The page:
A taxpayer-funded transgender group is slamming a court’s decision to take the son away from the mother.
Mermaids UK, a taxpayer-funded transgender charity, has been banned by the High Court from having any contact with a family after the mother, who was being advised by them, forced her seven-year-old son to live as a girl, the Sunday Times reported. The charity had also advertised “same day” cross-sex hormone treatment for children, going against NHS guidelines.
In a court case, reported last year, Mr Justice Hayden removed the child, known as “J”, from his mother after finding she had caused him “significant emotional harm” and “pressed [him] into a gender identification that had far more to do with his mother’s needs and little, if anything, to do with his own”.
J’s mother home-schooled him and forced him to dress in girls’ clothes. After being sent to live with his father and sent to school, J “assert[ed] his own masculine gender” and went back to living as a boy.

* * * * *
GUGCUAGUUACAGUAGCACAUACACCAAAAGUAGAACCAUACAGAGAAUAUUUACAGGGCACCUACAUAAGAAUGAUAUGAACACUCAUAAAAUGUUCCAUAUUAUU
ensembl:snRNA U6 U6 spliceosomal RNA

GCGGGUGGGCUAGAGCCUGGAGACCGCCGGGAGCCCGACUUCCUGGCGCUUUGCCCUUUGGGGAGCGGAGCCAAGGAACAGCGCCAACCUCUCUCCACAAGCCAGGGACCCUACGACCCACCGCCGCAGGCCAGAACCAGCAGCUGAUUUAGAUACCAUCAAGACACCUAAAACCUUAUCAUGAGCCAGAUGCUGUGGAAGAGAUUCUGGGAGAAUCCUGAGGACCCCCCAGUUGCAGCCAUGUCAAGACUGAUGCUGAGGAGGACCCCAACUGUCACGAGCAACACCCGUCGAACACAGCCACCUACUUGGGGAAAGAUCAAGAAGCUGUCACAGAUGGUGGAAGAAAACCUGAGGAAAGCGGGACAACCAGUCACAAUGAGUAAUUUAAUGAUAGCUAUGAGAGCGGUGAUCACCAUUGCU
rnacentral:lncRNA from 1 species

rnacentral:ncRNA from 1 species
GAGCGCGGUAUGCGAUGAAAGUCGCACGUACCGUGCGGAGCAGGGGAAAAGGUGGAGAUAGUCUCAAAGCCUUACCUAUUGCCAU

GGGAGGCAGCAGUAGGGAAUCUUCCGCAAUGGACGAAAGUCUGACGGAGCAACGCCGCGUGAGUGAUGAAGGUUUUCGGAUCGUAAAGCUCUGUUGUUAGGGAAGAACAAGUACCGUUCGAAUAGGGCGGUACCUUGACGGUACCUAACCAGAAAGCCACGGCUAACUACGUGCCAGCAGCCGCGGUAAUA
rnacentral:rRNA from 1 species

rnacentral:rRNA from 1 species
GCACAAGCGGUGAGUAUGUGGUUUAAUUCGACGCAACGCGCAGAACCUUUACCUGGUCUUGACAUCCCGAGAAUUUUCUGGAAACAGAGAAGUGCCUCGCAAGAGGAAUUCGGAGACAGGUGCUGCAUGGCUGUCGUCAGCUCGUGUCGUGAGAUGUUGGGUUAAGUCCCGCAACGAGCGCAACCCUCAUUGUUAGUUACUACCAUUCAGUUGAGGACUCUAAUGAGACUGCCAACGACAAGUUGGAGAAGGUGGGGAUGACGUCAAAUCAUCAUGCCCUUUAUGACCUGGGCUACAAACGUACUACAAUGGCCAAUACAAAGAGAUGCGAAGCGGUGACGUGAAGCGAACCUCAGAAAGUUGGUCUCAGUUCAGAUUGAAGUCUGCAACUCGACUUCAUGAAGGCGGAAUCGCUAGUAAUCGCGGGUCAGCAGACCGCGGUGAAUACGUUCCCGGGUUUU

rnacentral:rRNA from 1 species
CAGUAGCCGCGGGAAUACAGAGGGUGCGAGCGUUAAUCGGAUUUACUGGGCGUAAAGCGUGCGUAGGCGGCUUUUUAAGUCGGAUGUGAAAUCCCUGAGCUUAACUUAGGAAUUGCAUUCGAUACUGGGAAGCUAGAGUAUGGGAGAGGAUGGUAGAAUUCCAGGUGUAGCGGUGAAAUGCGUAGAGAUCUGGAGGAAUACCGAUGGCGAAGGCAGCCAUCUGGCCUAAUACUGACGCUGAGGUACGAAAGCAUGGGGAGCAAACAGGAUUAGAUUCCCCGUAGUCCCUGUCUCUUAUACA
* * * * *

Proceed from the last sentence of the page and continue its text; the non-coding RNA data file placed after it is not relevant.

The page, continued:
Social services had reportedly refused to act against the mother. In a statement, they said she had “appropriately taken on board support” from Mermaids.” However, the judge accused social workers of disregarding concerns put forward by professionals about J because they “did not wish to appear to be challenging an emerging orthodoxy in such a high-profile issue”.
After the ruling, Mermaids attacked the “horrific decision”, insisted J wanted to be a girl and said there was “no evidence at all to support this judge’s views”. However, it was later found that the charity had been “ordered to have nothing to do with this child following their removal”.
Mermaids’ website had featured a message from Dr. Birgit Möller, a Hamburg-based doctor, offering fast-track sex hormone treatment for children. “If the families are interested we would set up a long evaluation appointment at our clinic (3-4 hours) and afterwards an appointment with the endocrinologist,” Möller wrote. “In case of an indication for hormone treatment he would prescribe it the same day.” NHS guidelines do not allow the treatment for anyone under 16, as it causes irreversible bodily changes and can compromise fertility.
The advertisement was removed last Friday.